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The Role of Phorbol Ester Receptor Binding in Responses to Promoters by Mouse and Human Cells

  • N. H. Colburn
  • T. D. Gindhart
  • B. Dalal
  • G. A. Hegamyer
Part of the Basic Life Sciences book series

Abstract

One of the major unanswered questions in carcinogenesis today concerns the rate-limiting steps that determine premalignant progression during the long latent period from the onset of carcinogen exposure until tumor appearance. Since tumor promoters apparently act to increase both the probability of occurrence and the rate of traversing events leading to malignancy, attempts to counter these promoter-induced events might offer a promising means of cancer prevention. In this connection, an understanding of the basis for resistance to tumor promoters could lead to an exploitable strategy. Our laboratory has developed the JB6 mouse epidermal cell model system for studying late-stage irreversible promotion of transformation by phorbol esters and other tumor promoters. We have recently described the isolation of promotion-resistant variants of JB6 cells which permit us to study the molecular and cellular basis for resistance (1,2). Since phorbol esters bind to specific cellular receptors and since resistance to a variety of hormones that also bind to specific receptors is associated with receptor deficiency (3), we have investigated whether the resistance of phorbol ester-resistant JB6 mouse cells can be attributed to a lack of phorbol diester receptors. This inquiry has been extended to phorbol ester-resistant variants of human hematopoietic cells.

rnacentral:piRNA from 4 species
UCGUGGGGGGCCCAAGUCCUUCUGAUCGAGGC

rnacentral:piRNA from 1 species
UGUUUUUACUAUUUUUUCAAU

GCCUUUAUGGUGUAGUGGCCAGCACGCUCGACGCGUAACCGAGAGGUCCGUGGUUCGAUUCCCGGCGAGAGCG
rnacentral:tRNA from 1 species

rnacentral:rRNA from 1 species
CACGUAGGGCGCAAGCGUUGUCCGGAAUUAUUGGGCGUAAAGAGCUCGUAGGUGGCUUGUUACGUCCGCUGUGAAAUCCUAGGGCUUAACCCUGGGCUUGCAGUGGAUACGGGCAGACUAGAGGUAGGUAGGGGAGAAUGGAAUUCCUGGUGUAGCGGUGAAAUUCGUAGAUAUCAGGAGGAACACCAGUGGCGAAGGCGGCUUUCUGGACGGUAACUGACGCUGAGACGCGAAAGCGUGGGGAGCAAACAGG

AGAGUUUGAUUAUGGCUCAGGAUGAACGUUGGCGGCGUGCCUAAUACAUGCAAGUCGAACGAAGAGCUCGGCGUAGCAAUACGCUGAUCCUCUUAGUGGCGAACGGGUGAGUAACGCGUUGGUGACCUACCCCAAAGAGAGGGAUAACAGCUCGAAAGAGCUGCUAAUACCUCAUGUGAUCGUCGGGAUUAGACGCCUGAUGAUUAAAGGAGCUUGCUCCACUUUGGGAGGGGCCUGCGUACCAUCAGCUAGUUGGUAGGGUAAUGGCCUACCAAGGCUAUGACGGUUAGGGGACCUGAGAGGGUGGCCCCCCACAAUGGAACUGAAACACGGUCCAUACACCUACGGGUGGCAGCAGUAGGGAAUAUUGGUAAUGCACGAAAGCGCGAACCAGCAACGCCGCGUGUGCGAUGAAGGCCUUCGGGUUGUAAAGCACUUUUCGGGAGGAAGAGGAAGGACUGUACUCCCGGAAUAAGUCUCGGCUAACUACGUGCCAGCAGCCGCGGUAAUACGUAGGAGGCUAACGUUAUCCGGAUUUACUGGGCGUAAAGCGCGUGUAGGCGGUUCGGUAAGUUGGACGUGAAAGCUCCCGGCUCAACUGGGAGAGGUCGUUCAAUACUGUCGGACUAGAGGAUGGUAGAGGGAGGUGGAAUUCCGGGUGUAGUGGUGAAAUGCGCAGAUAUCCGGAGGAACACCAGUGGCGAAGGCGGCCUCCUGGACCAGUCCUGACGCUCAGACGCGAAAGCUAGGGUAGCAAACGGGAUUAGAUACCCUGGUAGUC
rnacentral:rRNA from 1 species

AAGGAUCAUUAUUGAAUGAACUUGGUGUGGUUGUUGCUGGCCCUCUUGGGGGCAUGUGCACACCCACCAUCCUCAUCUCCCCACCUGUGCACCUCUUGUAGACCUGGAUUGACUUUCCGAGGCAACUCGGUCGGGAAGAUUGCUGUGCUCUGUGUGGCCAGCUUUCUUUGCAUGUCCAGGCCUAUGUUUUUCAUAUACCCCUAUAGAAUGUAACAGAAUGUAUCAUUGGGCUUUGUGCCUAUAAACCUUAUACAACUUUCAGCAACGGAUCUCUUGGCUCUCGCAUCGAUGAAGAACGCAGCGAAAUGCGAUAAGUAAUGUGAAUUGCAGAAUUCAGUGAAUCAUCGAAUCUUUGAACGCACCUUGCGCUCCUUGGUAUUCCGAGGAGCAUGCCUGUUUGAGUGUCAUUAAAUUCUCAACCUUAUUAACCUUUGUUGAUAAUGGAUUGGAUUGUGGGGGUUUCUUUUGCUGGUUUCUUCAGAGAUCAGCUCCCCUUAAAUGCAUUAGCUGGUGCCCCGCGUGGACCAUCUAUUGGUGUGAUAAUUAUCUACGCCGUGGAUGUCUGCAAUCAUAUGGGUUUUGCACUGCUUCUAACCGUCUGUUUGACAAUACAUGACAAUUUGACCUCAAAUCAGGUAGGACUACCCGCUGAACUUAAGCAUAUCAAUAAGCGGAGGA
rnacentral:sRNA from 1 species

Keywords

HL60 Cell Phorbol Ester Scatchard Analysis Mitogenic Response Human Hematopoietic Cell 
These keywords were added by machine and not by the authors. This process is experimental and the keywords may be updated as the learning algorithm improves.

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Copyright information

© Plenum Press, New York 1983

Authors and Affiliations

  • N. H. Colburn
    • 1
  • T. D. Gindhart
    • 2
  • B. Dalal
    • 2
  • G. A. Hegamyer
    • 1
  1. 1.Laboratory of Viral CarcinogenesisNational Cancer InstituteFrederickUSA
  2. 2.Laboratory of Chemical PharmacologyNational Cancer InstituteBethesdaUSA

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